It has been a completely crazy last month or so and I know I am way behind on my blog so while I have a few days before the onslaught of fall TV, I just wanted to make some comments about the shows that I have been watching during the twilight of summer.
Game of Thrones:
The penultimate season of Game of Thrones gave us a scant 7 episodes but several were packed with amazing special effects and some great battles. I think the show has struggled since it went beyond the books. The world that George R.R. Martin created is so complex and intricate with deep history and substantive characters/dialogue that it gave the HBO creators a writer’s feast from which to create the show. Once that was gone and the showrunners had to create the storylines with little guidance, I have found the character development lacking and the focus on huge battles and dragons. Not that I mind battles and dragons (this season the latter were spectacular) but there is so much more that could have been done.
In my opinion, Season 7 was very rushed. People moved between far locations with lightning speed. Key actions happened without the careful construction of the plot leading up to them. I’m not sure why Weiss and Benioff decided to do only 7 shows this season and 6 in the final season but even with some extended episodes, there was so much missing in terms of background explanations as to why characters acted the way they did. A prime example of this was in the finale when Sansa and Aria executed Littefinger for no obvious reason. Apparently in a discarded scene, Bran informed them of the nefarious things Littlefinger did but the finale didn’t explain it at all. I just feel the showrunners are tired of writing from George R.R. Martin notes and just want it all to be over. It doesn’t give me great hope for next season other than I’m sure there will be some great dragon/battle scenes but the long, wonderful dialog sequences will be something we will need to go back to the first few seasons for.
I love Game of Thrones but I wish we had the books finished so that the showrunners could give us the story we deserve. I hope the novels will someday be completed (although I may not live long enough to see it given Martin’s history) to get the full measure of this amazing world.
Halt and Catch Fire (AMC)
Halt and Catch Fire commenced its fourth and final season last month and so far, it is great. This is a terrific under-the-radar show about the beginnings of Silicon Valley and the computer and internet revolution. It addresses some of the issues women in technology have faced as well as the exciting world of start-up tech companies. This season is focused on the development of internet search engines and is fascinating. The acting is great, the characters terrific and the history pretty accurate from what I can tell.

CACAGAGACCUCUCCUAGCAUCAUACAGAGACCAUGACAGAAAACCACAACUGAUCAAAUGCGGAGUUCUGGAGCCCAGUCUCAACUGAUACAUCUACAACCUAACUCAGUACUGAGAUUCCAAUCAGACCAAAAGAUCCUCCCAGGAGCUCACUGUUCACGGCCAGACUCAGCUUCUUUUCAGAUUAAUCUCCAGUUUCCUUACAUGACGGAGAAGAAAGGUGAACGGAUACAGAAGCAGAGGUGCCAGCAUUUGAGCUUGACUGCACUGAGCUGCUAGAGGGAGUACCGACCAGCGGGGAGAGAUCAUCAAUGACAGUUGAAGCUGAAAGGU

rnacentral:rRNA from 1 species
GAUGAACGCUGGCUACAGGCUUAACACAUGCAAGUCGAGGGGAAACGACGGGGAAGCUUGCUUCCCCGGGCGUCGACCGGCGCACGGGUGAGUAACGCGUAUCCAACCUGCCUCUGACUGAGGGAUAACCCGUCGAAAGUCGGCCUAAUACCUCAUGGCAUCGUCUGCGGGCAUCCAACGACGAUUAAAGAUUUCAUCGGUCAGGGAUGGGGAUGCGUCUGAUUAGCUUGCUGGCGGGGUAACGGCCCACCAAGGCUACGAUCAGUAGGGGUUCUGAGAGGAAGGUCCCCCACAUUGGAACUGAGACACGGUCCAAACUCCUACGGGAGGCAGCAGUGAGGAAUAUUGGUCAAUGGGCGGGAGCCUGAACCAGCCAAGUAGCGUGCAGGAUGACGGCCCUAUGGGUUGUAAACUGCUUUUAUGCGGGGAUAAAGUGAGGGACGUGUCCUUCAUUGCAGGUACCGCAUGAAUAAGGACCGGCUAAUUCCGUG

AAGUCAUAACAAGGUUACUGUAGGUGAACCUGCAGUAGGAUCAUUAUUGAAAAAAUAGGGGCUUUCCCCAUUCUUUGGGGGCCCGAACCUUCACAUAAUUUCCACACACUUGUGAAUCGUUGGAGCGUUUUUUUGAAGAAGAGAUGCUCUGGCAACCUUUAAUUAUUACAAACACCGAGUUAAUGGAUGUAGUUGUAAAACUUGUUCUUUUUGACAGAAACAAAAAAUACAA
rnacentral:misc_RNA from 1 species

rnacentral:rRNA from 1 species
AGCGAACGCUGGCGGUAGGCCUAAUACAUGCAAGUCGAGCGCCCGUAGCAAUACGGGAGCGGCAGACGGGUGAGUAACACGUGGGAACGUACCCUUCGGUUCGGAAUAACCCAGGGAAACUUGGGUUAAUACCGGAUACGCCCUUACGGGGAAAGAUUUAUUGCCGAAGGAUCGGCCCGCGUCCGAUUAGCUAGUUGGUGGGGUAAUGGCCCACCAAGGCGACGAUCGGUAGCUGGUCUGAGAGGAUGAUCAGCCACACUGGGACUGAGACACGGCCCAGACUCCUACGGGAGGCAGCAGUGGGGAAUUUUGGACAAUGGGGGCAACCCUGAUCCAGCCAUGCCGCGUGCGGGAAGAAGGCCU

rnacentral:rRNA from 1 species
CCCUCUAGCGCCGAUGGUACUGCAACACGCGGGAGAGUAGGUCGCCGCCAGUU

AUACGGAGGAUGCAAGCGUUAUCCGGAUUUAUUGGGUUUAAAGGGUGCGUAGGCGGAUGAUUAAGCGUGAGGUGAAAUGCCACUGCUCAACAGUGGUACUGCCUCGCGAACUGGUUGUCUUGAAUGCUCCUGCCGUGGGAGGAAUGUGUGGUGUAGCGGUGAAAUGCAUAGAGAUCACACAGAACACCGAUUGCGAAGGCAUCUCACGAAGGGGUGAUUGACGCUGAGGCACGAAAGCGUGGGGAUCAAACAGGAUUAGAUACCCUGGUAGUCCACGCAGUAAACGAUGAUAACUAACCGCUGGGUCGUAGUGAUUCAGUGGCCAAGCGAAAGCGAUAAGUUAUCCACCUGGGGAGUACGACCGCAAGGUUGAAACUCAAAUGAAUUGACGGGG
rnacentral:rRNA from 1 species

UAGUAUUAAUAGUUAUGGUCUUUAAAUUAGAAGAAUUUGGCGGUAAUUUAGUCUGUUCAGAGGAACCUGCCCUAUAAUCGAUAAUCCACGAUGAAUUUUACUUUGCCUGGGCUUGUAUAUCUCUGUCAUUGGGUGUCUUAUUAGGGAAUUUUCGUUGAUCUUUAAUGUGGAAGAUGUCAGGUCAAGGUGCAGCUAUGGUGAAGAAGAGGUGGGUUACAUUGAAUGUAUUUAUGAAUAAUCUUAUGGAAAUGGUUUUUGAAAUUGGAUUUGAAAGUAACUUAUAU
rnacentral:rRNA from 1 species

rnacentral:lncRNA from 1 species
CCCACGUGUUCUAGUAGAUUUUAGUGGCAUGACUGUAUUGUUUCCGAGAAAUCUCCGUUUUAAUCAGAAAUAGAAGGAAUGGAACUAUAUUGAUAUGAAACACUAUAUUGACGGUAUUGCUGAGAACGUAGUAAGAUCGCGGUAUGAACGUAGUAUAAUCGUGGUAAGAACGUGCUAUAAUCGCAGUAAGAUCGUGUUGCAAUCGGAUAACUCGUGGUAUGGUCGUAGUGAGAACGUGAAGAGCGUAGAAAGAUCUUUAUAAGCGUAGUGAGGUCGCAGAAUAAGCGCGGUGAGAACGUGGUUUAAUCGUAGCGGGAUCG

If you haven’t seen Halt and Catch Fire, the first three seasons are on Netflix. The second and third are fantastic. The first season is somewhat inconsistent (as many first seasons are) as the show tries to find its footing. One critic who I highly respect suggested that if you want to see the show and have limited time, watch the pilot and the last four episodes of Season 1 along with all of Seasons 2&3. Enjoy!
You’re the Worst (FXX)
In last season’s finale, Jimmy asked Gretchen to marry him, she said “yes” and then he panicked and drove off into the sunset. This season begins with Jimmy living in a trailer park with no access to the internet or phone and Gretchen trying to move on. They don’t see each other until the end of the third episode which just aired. I’m not sure where we are going from there but I’m in for the ride. I love this show about four of the most dysfunctional and damaged (along with mentally ill) people you will ever come across. Chris Geere and Aya Cash as Jimmy and Gretchen are so good in their roles and Desmin Borges (Edgar) and Kether Donohue (Lindsay) are equally up to the task as their sidekicks.
The show went to a dark place with Gretchen’s bi-polar disorder and I’m hoping it lightens up a bit this year, as it is supposed to be a comedy. The first three episodes seem to be headed back toward its comedic roots and I like that Edgar and Kether are getting more screen time. The four leads are the soul of the show and Jimmy and Gretchen is just too intense without some comedic relief by other characters. I’m so glad this show is back!
Top of the Lake China Girl (Sundance)
I watched the first Top of the Lake miniseries in 2013 and thought it to be one of the finest shows of the year so I was excited that Jane Campion has brought it back. Unfortunately, four years later, I remember very little about the first series and when I launched into this new season, it became clear very quickly that I needed to recall what happened to make Elisabeth Moss’s character (Robin Griffin) so damaged. I know she was raped but some of the other psychological issues need reading up on. One thing that is clear from the two episodes I have seen is that the misogyny is non-stop and after the last two years of listening to it spewing from the Republican candidate now President, it is pretty hard to take for my entertainment.
This season adds Nicole Kidman who has had such a banner year in both film and TV and who I think is one of our finest actresses out there. However, her introduction in Episode 1 resulted in a performance I found to be stiff and unbelievable – it was slightly improved in the second Episode. Gwendoline Christie is another new character although I think she is better in Game of Thrones. I am going to stick with this as I think that any show created by Jane Campion and starring Nicole Kidman and Elizabeth Moss deserves my attention but I do have concerns that this may turn out to be more like Season 2 of True Detective than Season 2 of the Americans.